Footer


Indigenous artist to create Mission Songs Project concert during residency

Jessie Lloyd today starts a 13 day residency at Campbelltown Arts Centre

Jessie Lloyd today starts a 13 day residency at Campbelltown Arts Centre to develop a special concert as part of the Mission Songs Project.

Indigenous musician, performer, producer and creative entrepreneur Jessie Lloyd today starts a 13 day residency at Campbelltown Arts Centre to develop a special concert as part of the Mission Songs Project.

Having recently released The Songs Back Home album under the Mission Songs Project moniker, Jessie has been touring the album for the past month to rave reviews, standing ovations and sold out festival crowds.

The aim of Mission Songs Project is to revive and make known Australian Indigenous songs with a focus on the songs of the Christian missions, state run settlements and native camps where Aboriginal and Torres Strait Islander people were relocated during the 20th century.

But from today at Campbelltown’s arts hub, Jessie Lloyd will focus on a concert titled Mission Songs Project – The Palm Island Strike of 1957.

The concert will be a tribute to the families affected by the demonstrations in support of human rights and fair wages on the island at that time.

One of the demonstration leaders was Jessie’s grandfather, Albie Geia.

His son Joe, who is also Jessie’s father, found his protest voice through song.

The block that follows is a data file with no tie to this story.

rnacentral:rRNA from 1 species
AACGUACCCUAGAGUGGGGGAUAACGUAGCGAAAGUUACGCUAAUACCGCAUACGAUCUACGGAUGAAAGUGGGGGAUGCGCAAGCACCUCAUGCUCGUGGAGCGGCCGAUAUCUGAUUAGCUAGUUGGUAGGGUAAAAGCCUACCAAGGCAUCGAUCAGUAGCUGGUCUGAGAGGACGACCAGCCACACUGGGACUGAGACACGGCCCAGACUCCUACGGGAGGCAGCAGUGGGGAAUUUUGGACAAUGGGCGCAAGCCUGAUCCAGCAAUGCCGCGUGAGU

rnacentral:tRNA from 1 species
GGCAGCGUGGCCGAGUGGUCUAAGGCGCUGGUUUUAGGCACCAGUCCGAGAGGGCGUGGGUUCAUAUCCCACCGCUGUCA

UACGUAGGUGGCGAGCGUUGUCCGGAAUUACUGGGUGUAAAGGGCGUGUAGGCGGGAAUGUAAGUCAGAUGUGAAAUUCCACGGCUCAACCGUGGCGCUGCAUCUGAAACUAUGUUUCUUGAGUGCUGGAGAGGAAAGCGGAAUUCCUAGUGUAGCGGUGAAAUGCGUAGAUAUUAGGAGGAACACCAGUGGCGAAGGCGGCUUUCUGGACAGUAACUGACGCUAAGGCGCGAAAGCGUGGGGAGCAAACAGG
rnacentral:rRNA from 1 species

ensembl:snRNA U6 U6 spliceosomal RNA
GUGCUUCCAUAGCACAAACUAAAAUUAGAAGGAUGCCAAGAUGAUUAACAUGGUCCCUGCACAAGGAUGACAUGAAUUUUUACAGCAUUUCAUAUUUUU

He is known as a pioneer in Australian Aboriginal music and is probably most widely recognised for his song Yil Lull.

Viewed by many as an Aboriginal anthem, Yil Lull has been recorded by the likes of Paul Kelly, Archie Roach and Jimmy Barnes.

It is this personal thread that will inform Jessie’s exploration through song.

She will be joined at the centre by her father Joe, as well as several other notable indigenous musicians and singers to create this special living document.

“Mission Songs Project is only scratching the surface,” says Jessie.

“The CAC residency is a nurturing opportunity allowing me to dig deep and explore the length and breadth of this unique musical history and its influences on contemporary Indigenous music today.’’

“I believe the outcome will be a significant contribution to our cultural heritage and national identity,” says Jessie, who will be in residence at the centre until April 29.

Michael Dagostino, the director of Campbelltown Arts Centre, says: “We’re excited to welcome Jessie Lloyd and her creative team to Campbelltown Arts Centre to continue their work on this important project.

“The Mission Songs Project tells important stories of our country’s history and generously shares them with future generations.”

Mission Songs Project—The Palm Island Strike of 1957, will be showcased at a free community event at Melbourne Town Hall on May 7, as part of the Yirramboi First Nations Arts Festival.

The Mission Songs Project album cover

The Mission Songs Project album cover

 

 

We Support